Whatever Happened To Paul Hogan From Crocodile Dundee?

In 1971, 32-year-old Paul Hogan was working as a rigger on the Sydney Harbour Bridge when he and his co-workers discussed the rude treatment of contestants by the judges on the Australian TV talent competition "New Faces." Hogan hatched a plan, cooking up a ridiculous act as a knife-throwing tap dancer, for the sole purpose of giving them a taste of their own medicine by berating and mocking them after his ridiculous performance. Viewers loved him, leading to further television appearances and then his own sketch comedy series, "The Paul Hogan Show," which ran for more than a decade. 

In the mid-1980s, Hoges, as he'd been nicknamed by fans, decided to try his luck on the big screen. After struggling to line up investors, he wrote and starred in his first movie, a fish-out-of-water comedy about an Australian crocodile hunter who winds up in the Big Apple. Made on a shoestring budget, "Crocodile Dundee" went on to become a massive blockbuster that raked in nearly $330 million worldwide at the box office and remains Australia's highest-grossing movie.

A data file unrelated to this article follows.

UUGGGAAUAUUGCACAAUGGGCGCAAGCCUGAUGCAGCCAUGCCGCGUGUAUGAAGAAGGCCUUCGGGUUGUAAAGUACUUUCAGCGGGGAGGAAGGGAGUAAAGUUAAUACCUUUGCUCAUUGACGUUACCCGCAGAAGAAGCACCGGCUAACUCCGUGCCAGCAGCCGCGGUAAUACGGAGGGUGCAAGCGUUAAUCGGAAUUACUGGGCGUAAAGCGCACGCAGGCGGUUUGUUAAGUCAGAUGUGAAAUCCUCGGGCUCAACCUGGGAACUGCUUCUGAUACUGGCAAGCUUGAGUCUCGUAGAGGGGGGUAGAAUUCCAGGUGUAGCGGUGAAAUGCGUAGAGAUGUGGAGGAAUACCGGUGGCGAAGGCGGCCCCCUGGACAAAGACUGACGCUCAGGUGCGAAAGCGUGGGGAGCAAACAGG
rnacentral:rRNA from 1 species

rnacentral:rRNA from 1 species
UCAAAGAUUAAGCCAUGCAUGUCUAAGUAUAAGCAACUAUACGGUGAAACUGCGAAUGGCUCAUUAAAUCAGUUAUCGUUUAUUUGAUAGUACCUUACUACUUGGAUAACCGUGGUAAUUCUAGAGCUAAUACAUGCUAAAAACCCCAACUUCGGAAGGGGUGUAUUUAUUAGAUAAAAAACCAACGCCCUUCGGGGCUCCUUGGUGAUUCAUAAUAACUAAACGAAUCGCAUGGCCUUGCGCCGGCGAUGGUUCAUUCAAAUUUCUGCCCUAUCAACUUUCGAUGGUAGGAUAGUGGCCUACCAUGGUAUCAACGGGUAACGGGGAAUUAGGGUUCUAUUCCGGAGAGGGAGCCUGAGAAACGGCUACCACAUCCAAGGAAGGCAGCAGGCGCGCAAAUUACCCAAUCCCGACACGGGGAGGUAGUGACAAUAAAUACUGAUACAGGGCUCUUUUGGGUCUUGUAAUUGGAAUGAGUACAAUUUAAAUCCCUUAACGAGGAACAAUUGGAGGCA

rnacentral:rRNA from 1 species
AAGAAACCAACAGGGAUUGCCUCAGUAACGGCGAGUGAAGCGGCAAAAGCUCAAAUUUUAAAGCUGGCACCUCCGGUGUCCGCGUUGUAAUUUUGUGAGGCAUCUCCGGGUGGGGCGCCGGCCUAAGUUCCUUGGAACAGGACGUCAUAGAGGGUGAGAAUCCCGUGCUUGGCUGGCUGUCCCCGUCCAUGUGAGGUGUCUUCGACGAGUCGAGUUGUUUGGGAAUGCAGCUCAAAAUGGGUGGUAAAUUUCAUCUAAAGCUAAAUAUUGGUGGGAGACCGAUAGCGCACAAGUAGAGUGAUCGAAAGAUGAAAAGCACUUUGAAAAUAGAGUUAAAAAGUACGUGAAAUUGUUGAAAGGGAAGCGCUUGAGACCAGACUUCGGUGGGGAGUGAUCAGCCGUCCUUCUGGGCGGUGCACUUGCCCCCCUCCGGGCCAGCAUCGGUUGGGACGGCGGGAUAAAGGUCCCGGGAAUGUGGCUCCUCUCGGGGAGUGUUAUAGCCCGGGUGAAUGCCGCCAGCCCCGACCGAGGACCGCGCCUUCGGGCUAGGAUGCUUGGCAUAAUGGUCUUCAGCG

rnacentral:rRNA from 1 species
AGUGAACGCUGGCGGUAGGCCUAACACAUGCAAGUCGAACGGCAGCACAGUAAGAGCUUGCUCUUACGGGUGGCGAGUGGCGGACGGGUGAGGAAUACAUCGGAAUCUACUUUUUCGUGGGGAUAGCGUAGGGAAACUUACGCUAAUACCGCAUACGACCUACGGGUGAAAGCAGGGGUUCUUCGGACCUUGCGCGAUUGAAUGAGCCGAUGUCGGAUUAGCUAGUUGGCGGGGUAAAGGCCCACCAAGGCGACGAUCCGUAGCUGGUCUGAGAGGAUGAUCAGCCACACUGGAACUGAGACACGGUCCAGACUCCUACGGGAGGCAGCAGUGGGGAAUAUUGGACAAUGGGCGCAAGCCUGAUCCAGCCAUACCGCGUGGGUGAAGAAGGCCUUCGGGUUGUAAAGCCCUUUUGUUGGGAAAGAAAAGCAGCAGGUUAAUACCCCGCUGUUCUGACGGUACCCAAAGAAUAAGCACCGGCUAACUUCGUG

"Crocodile Dundee" brought the unlikely star to new levels of fame and fortune, propelling him to international stardom far beyond the shores of his native Australia. There's no denying that Hogan, who turned 83 in 2022, has had an extraordinary career, particularly when considering how accidentally it all started. Read on to find out what happened to Paul Hogan from "Crocodile Dundee."

Crocodile Dundee made Paul Hogan fabulously wealthy

Paul Hogan had hoped that "Crocodile Dundee" would find an audience, but he never envisioned that the $7-million movie would achieve a worldwide box-office take of $328 million — earning nearly 47 times what it cost to produce. In fact, the 1986 film was such a massive hit that at one point Hollywood execs considered a "Crocodile Dundee"/"Beverly Hills Cop" crossover movie that would partner Hogan with Eddie Murphy. "That was floated around for a while, back in the early '90s," Hogan told Yahoo! Entertainment. "That never ever came to anything. But that might've been a funny mixture."